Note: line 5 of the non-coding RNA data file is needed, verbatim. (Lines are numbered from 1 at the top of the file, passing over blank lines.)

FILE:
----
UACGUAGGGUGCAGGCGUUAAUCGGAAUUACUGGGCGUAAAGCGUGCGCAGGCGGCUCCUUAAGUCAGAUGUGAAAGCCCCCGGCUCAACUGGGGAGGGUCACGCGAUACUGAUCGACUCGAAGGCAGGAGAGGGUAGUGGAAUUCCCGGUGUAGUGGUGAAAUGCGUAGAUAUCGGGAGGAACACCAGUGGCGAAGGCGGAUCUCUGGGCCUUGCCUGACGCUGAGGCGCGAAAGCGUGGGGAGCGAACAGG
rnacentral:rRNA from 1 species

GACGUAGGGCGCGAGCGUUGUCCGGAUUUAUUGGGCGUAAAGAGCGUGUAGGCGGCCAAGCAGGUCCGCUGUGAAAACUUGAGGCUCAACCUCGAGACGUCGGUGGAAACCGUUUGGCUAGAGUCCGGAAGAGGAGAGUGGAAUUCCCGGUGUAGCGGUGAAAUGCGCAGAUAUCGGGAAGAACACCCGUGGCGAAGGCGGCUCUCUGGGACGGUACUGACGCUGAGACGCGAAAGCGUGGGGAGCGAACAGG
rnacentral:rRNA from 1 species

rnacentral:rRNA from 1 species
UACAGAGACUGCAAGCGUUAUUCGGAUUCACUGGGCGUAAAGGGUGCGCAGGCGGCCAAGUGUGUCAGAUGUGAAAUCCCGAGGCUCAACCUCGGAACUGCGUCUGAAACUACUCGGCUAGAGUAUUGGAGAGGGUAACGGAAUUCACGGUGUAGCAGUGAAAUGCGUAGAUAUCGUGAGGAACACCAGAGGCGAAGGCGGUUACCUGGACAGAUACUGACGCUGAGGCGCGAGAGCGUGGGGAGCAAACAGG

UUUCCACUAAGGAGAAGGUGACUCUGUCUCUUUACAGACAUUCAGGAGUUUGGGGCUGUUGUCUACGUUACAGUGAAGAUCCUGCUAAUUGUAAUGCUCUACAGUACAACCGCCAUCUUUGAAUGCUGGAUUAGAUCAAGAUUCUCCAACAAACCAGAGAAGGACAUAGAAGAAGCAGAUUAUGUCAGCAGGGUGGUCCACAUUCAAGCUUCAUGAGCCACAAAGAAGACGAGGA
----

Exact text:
rnacentral:rRNA from 1 species